Two men arrested in alleged 'hostage movers' scam

March 28, 2012 4:08:03 PM PDT
We first told you about so-called 'hostage movers' nearly two years ago when several Houston area residents hired seemingly inexpensive moving companies, only to have the price skyrocket after the trucks were loaded. Now police have arrested a pair of men they say ran the entire operation and we are learning there are dozens of alleged victims.

"I think about it all the time," said victim Selena Tristan.

It was two years ago when Tristan hired $99 Movers to move her belongings less than two miles. Back then, Tristan told us as soon as the moving van got to her new home the movers demanded $4,400 or they would take her things out of state and eventually sell it.

"If my house was broken into when I was not home and then came home, it would be ten times better than what that is, because you are actually watching someone take your stuff and there is nothing you can do about it and it is the most helpless feeling ever," Tristan said.

Now the alleged foreman on that move, Andy Trinidad Bueno, and the man police say owned the moving company, Anthony Fanelli, are both behind bars.

"I called my mom, my dad, my fiance, I was like, 'You are never going to believe this,'" said Tristan.

Court documents show that Bueno and Fanelli operated more than a dozen moving companies that advertised cheap moves on Houston police say after the movers loaded up a person's belongings, the price would skyrocket. Police say if the victims did not pay, the movers would threaten to take the belongings away. Police say in reality the men would sell off the goods or take them for themselves.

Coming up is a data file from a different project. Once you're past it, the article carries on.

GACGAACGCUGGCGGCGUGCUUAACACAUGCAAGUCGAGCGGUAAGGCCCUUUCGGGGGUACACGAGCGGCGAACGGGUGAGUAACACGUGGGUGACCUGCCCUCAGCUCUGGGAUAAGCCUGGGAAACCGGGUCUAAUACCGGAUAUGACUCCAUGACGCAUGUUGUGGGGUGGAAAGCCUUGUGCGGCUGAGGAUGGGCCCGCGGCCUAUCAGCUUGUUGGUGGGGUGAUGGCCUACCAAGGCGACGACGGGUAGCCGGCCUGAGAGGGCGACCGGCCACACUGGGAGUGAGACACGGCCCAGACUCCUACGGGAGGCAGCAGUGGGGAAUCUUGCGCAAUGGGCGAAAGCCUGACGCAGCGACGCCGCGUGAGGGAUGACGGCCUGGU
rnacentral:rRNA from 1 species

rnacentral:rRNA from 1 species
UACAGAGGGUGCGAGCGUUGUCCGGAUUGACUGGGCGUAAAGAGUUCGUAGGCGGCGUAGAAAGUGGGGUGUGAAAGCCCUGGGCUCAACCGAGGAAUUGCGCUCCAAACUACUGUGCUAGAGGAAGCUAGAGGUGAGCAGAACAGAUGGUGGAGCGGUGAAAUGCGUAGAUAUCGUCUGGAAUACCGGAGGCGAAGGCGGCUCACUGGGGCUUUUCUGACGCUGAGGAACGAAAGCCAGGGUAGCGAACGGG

"They were posing as legitimate moving companies, attracting consumers with advertisements and then once consumers signed the contract, the prices changed," said Assistant District Attorney Valerie Turner.

Turner says police found 19 cases in which Fanelli and Bueno pulled the same thing. Most of the victim came from Harris County. Authorities have been on the trail of Bueno and Fanelli for months, Tristan says she believed it was only a matter of time before her movers ended up behind bars.

"I looked at them I and told them, 'You have not seen the last of me. This is not done by far. What you are doing is wrong,'" said Tristan.

The men are still behind bars, and could face up to 10 years in prison if convicted. The woman in our story was not one of the victims included in the charging documents, but Tristan told us she will call the District Attorney's office and get her name added to the list.

After our stories on the movers first ran in 2010, we got dozens of calls from victims -- some are included in the court documents, others are not, so it is possible other victims could come forward.

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